Broccoli powder could pack a veggie punch in smoothies, soups and lattes

June 7, 2018 by  
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Do you consume the recommended serving of vegetables every day? Last year, the Centers for Disease Control and Prevention (CDC) published a study finding only one in 10 adults eat enough vegetables or fruit. Scientists in Australia — a country where the average person also isn’t getting the recommended daily veggie intake — came up with a possible solution: broccoli powder . A Melbourne-area cafe, Commonfolk Coffee , recently tested it out with a latte. How do you take your coffee? Milk, sugar…broccoli powder? There's a new latte shaking up Melbourne's coffee culture. #TenNews @CaryRachel pic.twitter.com/FBMv0JYkkq — Ten News Melbourne (@tennewsmelb) June 6, 2018 Australian science agency  Commonwealth Scientific and Industrial Research Organization (CSIRO) and Hort Innovation developed broccoli powder that provides one serving of broccoli in two tablespoons. They created it using what CSIRO called imperfect-looking broccoli — produce that otherwise might have been trashed. Related: Korean barista creates incredible works of latte art The Melbourne cafe’s broccoli lattes received mixed reviews — in a Ten News Melbourne video , one person said it wasn’t bad; another person said they liked it but described the taste as “milky broccoli.” But there are other uses for the powder for those who can’t stomach a broccoli latte, like in soups, smoothies or baked goods, according to Hort Innovation CEO John Lloyd. “With a rising trend in healthy eating across the board, Australian growers are always looking at ways to diversify their products and cut waste while meeting consumer demand,” Lloyd said in a statement . “Research shows the average Australian is still not eating the recommended daily intake of vegetables a day, and options such as broccoli powder will help address this.” ?????????… …nah but drink whatever floats your boat. Although can you really go past a sustainable and ethical single origin espresso *sans broccoli* ????? > > > #broccolatte #broccocino #coffee #cafe #cafes #melbourne #instacoffee #coffeeoftheday #coffeelovers #vsco #vscocam #vsco_hub #vscobest #vsco_best #vscogood #vscocamphotos #vscofeature #liveauthentic #MKexplore #neverstopexploring #letsgosomewhere #shootaward #igmasters #justgoshoot A post shared by C O M M O N F O L K (@commonfolkcoffee) on Jun 6, 2018 at 1:15am PDT Whole broccoli goes into the 100 percent broccoli powder, which is made through pre-treatment and drying processes. The final product keeps the nutrient composition, color and flavor of fresh broccoli, according to CSIRO. Lead researcher Mary Ann Augustin said broccoli’s high fiber and protein content, as well as bioactive phytochemicals, means the vegetable is an ideal candidate to turn into powder. John Said, managing director of leading broccoli producer  Fresh Select , seems to be on board, describing the project as “the emerging new food trend.” He said farmers in Australia “will have access to an alternative market whilst improving farm yields and sustainability.” + CSIRO Image via CSIRO

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Broccoli powder could pack a veggie punch in smoothies, soups and lattes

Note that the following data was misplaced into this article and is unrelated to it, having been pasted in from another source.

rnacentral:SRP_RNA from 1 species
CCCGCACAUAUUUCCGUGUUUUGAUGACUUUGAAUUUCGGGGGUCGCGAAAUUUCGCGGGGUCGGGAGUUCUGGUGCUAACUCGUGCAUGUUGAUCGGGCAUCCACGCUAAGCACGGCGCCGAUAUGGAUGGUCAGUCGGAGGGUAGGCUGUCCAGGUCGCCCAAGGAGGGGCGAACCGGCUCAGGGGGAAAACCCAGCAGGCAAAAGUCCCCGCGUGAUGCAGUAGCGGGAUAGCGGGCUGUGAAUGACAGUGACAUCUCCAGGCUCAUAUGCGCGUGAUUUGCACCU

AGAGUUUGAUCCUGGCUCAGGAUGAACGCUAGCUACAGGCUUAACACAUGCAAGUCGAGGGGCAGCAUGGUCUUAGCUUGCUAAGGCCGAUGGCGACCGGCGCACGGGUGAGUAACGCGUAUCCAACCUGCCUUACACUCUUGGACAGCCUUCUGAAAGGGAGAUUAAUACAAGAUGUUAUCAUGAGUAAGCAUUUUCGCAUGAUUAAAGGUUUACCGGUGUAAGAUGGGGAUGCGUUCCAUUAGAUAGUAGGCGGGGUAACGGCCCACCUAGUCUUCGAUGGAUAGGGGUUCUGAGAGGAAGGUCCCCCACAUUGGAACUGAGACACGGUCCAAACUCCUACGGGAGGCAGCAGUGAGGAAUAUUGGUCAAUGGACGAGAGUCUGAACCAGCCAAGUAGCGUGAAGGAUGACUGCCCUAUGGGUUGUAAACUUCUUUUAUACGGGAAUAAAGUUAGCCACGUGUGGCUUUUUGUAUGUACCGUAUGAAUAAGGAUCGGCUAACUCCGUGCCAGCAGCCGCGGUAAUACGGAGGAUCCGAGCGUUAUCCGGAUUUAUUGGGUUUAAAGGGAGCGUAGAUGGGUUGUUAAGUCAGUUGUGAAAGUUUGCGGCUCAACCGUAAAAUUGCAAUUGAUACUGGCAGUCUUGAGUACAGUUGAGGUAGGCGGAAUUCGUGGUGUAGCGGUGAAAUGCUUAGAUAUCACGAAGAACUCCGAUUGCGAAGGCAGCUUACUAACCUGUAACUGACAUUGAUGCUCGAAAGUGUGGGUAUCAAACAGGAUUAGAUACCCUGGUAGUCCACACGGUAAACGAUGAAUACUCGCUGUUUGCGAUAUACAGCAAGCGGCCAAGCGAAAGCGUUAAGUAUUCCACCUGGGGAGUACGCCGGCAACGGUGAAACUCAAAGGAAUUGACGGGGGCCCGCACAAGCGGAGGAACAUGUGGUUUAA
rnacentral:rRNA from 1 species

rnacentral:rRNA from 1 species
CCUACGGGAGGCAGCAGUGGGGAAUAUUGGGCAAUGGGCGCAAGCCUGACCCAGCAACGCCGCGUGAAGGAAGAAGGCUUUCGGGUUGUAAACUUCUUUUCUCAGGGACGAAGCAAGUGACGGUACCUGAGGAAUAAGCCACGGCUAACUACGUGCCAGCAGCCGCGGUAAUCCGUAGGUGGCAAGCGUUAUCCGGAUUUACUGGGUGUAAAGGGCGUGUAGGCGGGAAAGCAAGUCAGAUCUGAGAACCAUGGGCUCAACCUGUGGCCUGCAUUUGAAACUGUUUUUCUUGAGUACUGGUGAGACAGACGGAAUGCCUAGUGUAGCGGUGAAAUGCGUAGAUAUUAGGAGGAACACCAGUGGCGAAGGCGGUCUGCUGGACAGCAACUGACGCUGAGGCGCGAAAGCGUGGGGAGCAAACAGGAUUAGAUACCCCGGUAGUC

High tide coastal flooding in US has doubled in the past 30 years

June 7, 2018 by  
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A new report from the National Oceanic and Atmospheric Administration (NOAA) finds that the frequency of coastal flooding at high tide across the U.S. has doubled in the past 30 years. This type of flooding, often referred to as “sunny day flooding,” occurs without the presence of a storm; the floodwaters simply arrive with the high tide. In 2017, there was an average of six high-tide flooding days, a record high, in each of the 98 coastal areas studied. Researchers expect the next two years to bring much of the same, while the long-term forecast, exacerbated by rising sea levels and increased occurrences of extreme weather, is more foreboding. In 2017, the Northeast and the Gulf of Mexico regions were the most affected by high tide coastal flooding. Boston , Massachusetts and Atlantic City, New Jersey experienced 22 days of flooding, while Galveston, Texas, in addition to being hit by Hurricane Harvey , was affected by 18 days of high tide coastal flooding. Because of cyclical climate conditions, NOAA expects the next two years to be as bad or worse for coastal flooding in at least half of the 98 areas featured in the study. Related: California’s wild extremes of flooding and drought will only get worse as the planet warms “Breaking of annual flood records is to be expected next year and for decades to come as sea levels rise, and likely at an accelerated rate,” the report reads. “Though year-to-year and regional variability exists, the underlying trend is quite clear: due to sea level rise , the national average frequency of high tide flooding is double what it was 30 years ago.” Hurricanes and extreme weather may cause acute incidents of devastation, but the report suggests that mundane high tide coastal flooding represents a different, more pervasive kind of threat. “We need to rethink our relationship with the coastline because it’s going to be retreating for the foreseeable future,” geologist Andrea Dutton told the Guardian . “We need to take this report as a warning to prepare ourselves, or we will just sit around and wait for disaster to happen.” Despite the imminent threat, the U.S.  currently has no federal plan to adapt to rising sea levels and increased flooding. + NOAA Via The Guardian Images via Depositphotos (1, 2)

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High tide coastal flooding in US has doubled in the past 30 years

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